A SALLME method was developed for preparation of plasma samples for HPLC analysis. The method provided a simple, economical, fast and green approach for alogliptin extraction from biological samples. Moreover, acetonitrile, the employed extractant is compatible with different analytical instruments and HPLC detectors. The ability of this sample treatment to pre-concentrate the sample makes possible UV detection after chromatographic separation under isocratic conditions. SALLME can be applied to other pharmaceutical compounds, especially highly polar drugs that are difficult to extract using conventional extracting solvents such as chloroform, methylene chloride, ethyl acetate and ether. Future work includes applying SALLME as a preparation method for other drugs using other analytical techniques such as UV/Vis spectroscopy, spectrofluorometry and capillary electrophoresis. Applying similar procedures for extraction of macromolecules is also in our scope. SALLME paves the way for simpler and greener extraction methods using the least possible amount of organic solvents. The small volumes and the safety of the organic solvents employed in SALLME makes it appreciably greener compared with the high volumes and the health hazardousness of other solvents used in conventional extraction.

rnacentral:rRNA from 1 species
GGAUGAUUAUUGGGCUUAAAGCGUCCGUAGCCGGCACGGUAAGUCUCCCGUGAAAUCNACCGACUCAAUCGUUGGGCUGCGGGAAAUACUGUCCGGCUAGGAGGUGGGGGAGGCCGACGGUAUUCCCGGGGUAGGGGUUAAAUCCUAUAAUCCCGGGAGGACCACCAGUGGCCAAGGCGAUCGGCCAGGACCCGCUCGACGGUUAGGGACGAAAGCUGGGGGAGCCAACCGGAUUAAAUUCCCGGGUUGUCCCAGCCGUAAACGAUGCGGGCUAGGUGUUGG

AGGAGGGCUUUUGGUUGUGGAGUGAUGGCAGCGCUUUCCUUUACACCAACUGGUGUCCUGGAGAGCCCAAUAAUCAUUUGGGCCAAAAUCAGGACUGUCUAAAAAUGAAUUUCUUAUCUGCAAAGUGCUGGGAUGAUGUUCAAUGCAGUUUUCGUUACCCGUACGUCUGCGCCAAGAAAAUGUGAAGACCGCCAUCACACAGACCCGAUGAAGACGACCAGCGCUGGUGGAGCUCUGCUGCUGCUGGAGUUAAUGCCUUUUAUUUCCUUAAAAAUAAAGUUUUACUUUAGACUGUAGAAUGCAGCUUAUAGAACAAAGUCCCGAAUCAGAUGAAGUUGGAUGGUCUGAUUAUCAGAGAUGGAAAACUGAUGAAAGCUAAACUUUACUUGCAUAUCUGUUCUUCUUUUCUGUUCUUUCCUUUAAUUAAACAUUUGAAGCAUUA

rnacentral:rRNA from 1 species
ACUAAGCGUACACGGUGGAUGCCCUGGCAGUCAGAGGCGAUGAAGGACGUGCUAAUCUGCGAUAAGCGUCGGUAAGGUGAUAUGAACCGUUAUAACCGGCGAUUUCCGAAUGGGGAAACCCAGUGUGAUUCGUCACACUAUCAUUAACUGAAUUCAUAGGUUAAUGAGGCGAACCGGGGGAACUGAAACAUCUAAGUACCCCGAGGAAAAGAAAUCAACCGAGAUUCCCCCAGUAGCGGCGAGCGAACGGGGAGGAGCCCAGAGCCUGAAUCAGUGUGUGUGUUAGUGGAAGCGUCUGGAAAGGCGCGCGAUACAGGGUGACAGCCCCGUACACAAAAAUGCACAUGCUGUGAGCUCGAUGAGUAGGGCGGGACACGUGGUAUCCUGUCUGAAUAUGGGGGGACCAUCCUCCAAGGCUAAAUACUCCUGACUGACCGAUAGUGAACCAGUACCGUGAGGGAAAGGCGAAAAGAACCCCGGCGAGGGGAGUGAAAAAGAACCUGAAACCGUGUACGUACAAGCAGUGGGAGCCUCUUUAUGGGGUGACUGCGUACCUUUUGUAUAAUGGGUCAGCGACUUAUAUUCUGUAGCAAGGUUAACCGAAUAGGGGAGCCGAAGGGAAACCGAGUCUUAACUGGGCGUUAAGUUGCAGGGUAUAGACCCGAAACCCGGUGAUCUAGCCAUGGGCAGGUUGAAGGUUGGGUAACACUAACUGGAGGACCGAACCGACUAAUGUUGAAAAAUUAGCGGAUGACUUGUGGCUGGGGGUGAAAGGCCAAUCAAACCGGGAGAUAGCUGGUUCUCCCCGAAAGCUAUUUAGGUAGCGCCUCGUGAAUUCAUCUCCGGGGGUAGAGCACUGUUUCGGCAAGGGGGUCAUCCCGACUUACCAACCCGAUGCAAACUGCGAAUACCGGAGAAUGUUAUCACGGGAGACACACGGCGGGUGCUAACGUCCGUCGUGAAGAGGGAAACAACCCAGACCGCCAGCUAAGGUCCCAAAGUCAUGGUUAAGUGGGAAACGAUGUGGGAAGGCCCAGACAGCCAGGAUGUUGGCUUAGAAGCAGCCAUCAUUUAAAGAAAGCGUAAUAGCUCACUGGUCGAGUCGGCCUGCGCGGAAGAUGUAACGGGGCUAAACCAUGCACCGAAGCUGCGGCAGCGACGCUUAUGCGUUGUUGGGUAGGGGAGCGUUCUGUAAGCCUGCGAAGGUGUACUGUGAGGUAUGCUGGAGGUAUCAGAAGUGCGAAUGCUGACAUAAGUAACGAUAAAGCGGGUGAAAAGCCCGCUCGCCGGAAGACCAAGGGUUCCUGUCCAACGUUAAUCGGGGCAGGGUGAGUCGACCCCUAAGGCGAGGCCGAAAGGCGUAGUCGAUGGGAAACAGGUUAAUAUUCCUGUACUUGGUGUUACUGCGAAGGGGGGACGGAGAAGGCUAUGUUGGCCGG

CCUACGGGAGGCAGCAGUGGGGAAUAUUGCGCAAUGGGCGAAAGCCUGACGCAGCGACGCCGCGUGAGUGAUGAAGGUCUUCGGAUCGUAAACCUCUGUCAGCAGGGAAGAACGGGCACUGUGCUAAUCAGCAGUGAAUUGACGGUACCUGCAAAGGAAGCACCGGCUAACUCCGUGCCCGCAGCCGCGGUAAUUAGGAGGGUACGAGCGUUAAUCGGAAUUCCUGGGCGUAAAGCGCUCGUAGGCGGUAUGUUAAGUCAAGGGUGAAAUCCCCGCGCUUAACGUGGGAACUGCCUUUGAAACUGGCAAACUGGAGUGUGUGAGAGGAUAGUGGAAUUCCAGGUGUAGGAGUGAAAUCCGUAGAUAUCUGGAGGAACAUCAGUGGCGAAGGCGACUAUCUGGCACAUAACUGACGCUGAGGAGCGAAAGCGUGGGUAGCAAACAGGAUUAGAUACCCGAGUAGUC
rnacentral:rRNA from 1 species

Availability of data and materials
The datasets used during the current study are available from the corresponding author on reasonable request.
Dipeptidyl peptidase 4
International Conference of Harmonization
Limit of detection
Limit of quantitation
Relative standard deviation
Salting-out induced liquid–liquid extraction
Salting-out induced liquid–liquid microextraction
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Hammad, S.F., Abdallah, I.A., Bedair, A. et al. Salting-out induced liquid–liquid microextraction for alogliptin benzoate determination in human plasma by HPLC/UV. BMC Chemistry 15, 2 (2021). https://doi.org/10.1186/s13065-020-00729-8